A new study from AAA looks at the use of infotainment systems by older and younger drivers. 
 -  Photo courtesy of AAA.

A new study from AAA looks at the use of infotainment systems by older and younger drivers.

Photo courtesy of AAA.

Drivers aged 55 to 75 took 4.7 to 8.6 seconds longer to complete tasks, experienced slower response times, and had increased visual distractions when interacting with in-vehicle infotainment systems as compared to drivers 21 to 36 years old, according to a new study.

The findings come from recent research conducted by the University of Utah in conjunction with the AAA Foundation for Traffic Safety.

On average, older drivers removed their eyes and attention from the road for more than eight seconds longer than younger drivers. Yet taking one's eyes off the road for just two seconds doubles a driver's risk of getting into a crash, notes the AAA Foundation.

While the research involved drivers of passenger vehicles, the AAA Foundation says the results translate to commercial fleet drivers when using various technologies like voice-based or touchscreen features in the vehicle. The cognitive and visual demands created by these technologies extend the time that drivers have their eyes and attention off the road — posing a serious safety risk, especially for older drivers.

The new report examines driver response time when performing specific tasks related to infotainment systems.

While on average it took younger drivers 18 seconds to program audio entertainment, it took older drivers 25.4 seconds to complete the same task.

As for calling and dialing, younger drivers spent 17.7 seconds on average, but these tasks took older drivers 22.4 seconds.

Both younger and older drivers spent the longest amounts of time on text messaging and navigation entry. Specifically, it took younger drivers 27.7 seconds to send a text as compared with 33.8 seconds for older drivers.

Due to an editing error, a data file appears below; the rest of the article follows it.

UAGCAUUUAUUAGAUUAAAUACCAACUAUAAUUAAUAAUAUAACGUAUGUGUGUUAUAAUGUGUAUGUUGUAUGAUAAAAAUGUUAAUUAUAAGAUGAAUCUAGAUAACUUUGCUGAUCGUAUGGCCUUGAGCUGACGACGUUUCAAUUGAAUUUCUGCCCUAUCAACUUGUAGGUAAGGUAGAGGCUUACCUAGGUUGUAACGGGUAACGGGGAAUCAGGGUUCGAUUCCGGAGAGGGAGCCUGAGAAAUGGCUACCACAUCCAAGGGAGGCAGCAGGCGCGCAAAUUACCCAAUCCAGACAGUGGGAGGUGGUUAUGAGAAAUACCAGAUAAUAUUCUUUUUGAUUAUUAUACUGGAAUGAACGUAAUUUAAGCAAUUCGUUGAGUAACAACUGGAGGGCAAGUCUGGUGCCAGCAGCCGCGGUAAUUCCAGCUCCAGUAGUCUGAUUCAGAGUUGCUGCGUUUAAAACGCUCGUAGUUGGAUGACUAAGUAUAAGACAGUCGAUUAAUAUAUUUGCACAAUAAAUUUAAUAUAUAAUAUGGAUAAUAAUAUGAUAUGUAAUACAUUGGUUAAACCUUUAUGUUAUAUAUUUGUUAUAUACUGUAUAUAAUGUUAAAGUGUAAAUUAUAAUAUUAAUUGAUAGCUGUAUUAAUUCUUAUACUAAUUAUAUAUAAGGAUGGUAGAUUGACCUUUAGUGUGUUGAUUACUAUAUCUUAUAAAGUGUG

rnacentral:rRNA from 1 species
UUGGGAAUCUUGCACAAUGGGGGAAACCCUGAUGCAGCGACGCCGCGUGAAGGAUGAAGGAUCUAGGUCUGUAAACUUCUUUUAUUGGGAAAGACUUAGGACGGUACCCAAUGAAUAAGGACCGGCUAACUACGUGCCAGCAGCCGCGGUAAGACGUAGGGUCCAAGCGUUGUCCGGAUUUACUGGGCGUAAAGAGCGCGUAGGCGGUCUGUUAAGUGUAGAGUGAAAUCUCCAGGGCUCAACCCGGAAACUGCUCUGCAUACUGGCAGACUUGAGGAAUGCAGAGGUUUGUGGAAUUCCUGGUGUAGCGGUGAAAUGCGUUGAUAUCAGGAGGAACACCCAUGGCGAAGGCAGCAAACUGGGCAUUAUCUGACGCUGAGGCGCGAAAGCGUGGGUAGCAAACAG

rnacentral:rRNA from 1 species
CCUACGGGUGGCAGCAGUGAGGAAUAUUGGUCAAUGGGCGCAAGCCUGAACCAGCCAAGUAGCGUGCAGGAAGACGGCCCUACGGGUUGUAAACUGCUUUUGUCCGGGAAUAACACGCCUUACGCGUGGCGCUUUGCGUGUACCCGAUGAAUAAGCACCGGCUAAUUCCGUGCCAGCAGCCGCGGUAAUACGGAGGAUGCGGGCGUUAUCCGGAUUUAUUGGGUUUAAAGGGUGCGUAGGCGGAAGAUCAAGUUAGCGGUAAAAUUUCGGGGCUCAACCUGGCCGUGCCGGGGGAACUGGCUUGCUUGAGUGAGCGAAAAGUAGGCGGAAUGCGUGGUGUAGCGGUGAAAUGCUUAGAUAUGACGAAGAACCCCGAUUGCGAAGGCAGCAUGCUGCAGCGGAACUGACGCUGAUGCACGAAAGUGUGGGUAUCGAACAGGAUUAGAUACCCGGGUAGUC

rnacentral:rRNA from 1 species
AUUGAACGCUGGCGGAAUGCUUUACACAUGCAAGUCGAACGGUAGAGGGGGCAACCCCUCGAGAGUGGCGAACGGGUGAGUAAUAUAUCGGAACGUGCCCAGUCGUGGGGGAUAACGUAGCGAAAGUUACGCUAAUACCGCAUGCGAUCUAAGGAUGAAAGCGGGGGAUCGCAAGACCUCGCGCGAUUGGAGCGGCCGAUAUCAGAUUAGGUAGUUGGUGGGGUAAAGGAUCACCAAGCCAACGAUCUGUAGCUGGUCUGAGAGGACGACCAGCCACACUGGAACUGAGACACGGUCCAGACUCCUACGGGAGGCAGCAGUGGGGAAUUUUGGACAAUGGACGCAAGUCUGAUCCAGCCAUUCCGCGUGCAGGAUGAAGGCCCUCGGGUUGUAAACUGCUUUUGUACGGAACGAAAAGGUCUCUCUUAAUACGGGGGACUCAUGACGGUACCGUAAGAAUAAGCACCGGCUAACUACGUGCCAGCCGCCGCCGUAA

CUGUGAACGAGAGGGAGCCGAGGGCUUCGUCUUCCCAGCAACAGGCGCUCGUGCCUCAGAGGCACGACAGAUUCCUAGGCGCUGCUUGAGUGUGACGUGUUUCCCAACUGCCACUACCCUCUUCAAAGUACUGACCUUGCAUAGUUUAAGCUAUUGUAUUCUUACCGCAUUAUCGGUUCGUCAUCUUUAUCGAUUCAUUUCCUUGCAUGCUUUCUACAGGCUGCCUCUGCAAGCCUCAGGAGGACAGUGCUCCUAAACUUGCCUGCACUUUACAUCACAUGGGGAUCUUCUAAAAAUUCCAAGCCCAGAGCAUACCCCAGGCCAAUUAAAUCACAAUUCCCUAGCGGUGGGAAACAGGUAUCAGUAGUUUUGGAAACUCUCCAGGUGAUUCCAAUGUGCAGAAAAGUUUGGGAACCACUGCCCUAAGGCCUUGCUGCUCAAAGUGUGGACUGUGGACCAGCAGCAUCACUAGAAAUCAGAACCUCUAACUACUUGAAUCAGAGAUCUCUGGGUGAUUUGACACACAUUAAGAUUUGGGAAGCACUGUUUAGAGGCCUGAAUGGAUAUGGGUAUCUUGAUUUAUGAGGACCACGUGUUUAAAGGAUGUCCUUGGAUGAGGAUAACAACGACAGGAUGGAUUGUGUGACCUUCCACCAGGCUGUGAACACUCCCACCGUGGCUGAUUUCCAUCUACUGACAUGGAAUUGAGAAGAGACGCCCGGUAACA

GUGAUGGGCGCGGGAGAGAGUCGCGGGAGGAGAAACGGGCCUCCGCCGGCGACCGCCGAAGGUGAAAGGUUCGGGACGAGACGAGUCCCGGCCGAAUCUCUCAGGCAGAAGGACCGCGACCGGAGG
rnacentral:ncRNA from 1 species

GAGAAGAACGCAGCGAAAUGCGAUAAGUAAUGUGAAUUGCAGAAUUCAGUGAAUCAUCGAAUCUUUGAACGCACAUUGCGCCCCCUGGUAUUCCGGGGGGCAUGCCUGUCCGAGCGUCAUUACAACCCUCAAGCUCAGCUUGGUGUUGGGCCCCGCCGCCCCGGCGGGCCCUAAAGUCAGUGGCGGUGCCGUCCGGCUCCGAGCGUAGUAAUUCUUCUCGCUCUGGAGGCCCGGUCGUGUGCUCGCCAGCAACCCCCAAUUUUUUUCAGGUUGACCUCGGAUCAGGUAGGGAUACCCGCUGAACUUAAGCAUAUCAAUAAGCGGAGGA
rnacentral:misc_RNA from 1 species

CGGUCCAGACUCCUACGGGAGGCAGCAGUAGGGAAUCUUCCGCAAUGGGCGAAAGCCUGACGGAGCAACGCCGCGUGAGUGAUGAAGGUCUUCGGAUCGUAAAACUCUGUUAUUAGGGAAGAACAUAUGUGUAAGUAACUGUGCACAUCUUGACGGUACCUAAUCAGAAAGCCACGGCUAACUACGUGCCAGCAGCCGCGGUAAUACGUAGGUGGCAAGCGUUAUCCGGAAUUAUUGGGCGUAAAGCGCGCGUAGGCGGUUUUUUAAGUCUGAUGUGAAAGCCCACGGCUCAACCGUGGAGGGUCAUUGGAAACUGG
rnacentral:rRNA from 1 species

Programming the navigation system required more than 31 seconds on the part of younger drivers, but demanded a full 40 seconds of time from older drivers.

Overall, the complex design of infotainment systems created increased visual and cognitive demand for older drivers. For example, some systems included multiple menus and cumbersome voice command functions that significantly reduced older drivers' ability to easily complete seemingly simple tasks.

The report also explores mode of interaction — for example, using a center stack display, center console, or auditory/vocal commands — and its impact on drivers.

Both older and younger drivers felt voice commands were less demanding to use than the center console or center stack controls. Yet tasks undertaken using auditory/vocal commands took the longest to complete, followed by center console controls. The center stack interactions were the shortest.

Older drivers took longer to complete tasks across all modes of interaction, regardless of how the task was completed. Finally, visual demand was higher for older drivers using all modes of interaction as compared to younger divers.

A total of 128 drivers ages 21 to 36 and 55 to 75 participated in the study with six 2018 model-year vehicles.

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